The global financial markets can be difficult to navigate. Each day, investors monitor the fundamental indicators and technical trends in order to predict future price movements of financial assets. As the boom-and-bust nature of the financial markets have clearly demonstrated over the years, it’s not always easy to trade successfully.
Luckily, on the subject of investing, the pros have taught us a lot over the years. Many of their “secrets” are very intuitive, but not always implemented due to the emotional aspect of trading. The following list is a good starting point for novice traders, as well as a reminder for experienced investors who have lost more than they’ve made in the market.
- Know What Kind of an Investor You Are
Understanding the type of investor you are is just as important as the financial assets you choose to buy and sell. That was the message of globally renowned economist and professional investor Benjamin Graham, who in 1949 authored The Intelligent Investor, which is still considered the Bible of value investing. Graham told investors they need to know what type of investor they are – defensive or enterprising. The difference simply boiled down to how much time and energy an investor had to devote to the financial markets.
Those with less time (defensive or passive investors) will minimize their risk exposure and stick to assets that allow them to benefit from all areas of the market. Those with more time (enterprising or active investors) will put in more work into researching and analyzing the markets. After all, the more work you do, the higher your potential return should be.
- Know Your Plan, Stick with It
Understanding why you are investing and having clearly stated goals are just as important as knowing whether you are a passive or active investor. Every investor should have an end-goal in mind. Are you saving for retirement, investing in your children’s education or trying to earn an income from trading? Having clearly stated goals is the first step to building wealth through the financial markets.
- Consider Cost as Well as Return
Investors are often so distracted by potential returns that they fail to look at how much it costs to buy a particular asset or fund. Expense ratio, fees paid to managers, transaction costs and load fees should be considered alongside the potential returns.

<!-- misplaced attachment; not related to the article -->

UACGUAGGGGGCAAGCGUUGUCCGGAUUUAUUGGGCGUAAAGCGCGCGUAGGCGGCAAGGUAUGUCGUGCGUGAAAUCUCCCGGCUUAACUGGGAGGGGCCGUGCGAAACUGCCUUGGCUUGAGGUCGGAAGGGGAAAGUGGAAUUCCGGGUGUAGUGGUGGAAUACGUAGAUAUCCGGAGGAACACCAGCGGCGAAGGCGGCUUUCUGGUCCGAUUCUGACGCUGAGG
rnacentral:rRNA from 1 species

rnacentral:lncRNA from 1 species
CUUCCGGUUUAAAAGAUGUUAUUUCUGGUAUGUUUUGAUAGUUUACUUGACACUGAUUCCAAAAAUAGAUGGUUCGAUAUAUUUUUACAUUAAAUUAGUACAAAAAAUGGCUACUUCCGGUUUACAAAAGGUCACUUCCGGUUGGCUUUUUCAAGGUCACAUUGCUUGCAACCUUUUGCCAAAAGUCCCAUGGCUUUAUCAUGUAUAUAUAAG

Diversification – the process of minimizing risk exposure in order to maximize returns – is a cornerstone of investing. Putting together a well-balanced portfolio of assets – index funds, stocks, bonds and even precious metals – may allow you to hedge against market volatility. This is especially true in today’s investing climate, which is characterized by economic and geopolitical instabilities, as well as unpredictable business cycles.
- Don’t Try to Beat the Market
Trying to make a better return than the market average has gotten many investors in trouble over the years. This concept of “beating the market” has also produced several investment specialists and trading strategies promising to outperform the major market averages such as the Dow Jones or S&P 500. Regardless of how persuasive their arguments are, trying to beat the market rarely pans out over the long-run. This doesn’t mean investors shouldn’t try to maximize their returns. They most certainly should, but not at the expense of sound investment strategies. Expecting to beat the market with every asset you purchase will only leave you disappointed. In the worst case, it can leave you chasing after financial assets for the wrong reasons instead of carefully considering their intrinsic value.
- Save as Much as Possible
Some of the world’s best investors are also meticulous savers which allows them to put more money into their investment portfolios. They follow the advice of legendary investor Warren Buffett who states: “Do not save what is left after spending but spend what is left after saving.”
- Minimize the Tax Burden
As an investor, chances are high that you will pay taxes on capital gains, foreign investments, interest-bearing investments and dividend-paying investments. Depending on your jurisdiction, you should consider ways to minimize your tax burden. Tax-free savings accounts, employer-sponsored accounts and other tax-deferring accounts should be leveraged as early as possible. The idea isn’t to dodge your tax obligations, but to better position your tax-efficient investments in appropriate accounts to get the most out of your investment capital.
There are no foolproof “secrets” to becoming a successful investor. While technologies like the internet and social networks have made investing much more accessible, the same rules for wealth creation still apply. Discipline, practice, knowledge and goal-orientation are the only recipes that will give you a lucrative investment portfolio. Mastering the list above will allow you to capitalize on the global financial markets and the incredible opportunities they offer.
Source:: 7 Investing Tips Used by the Pros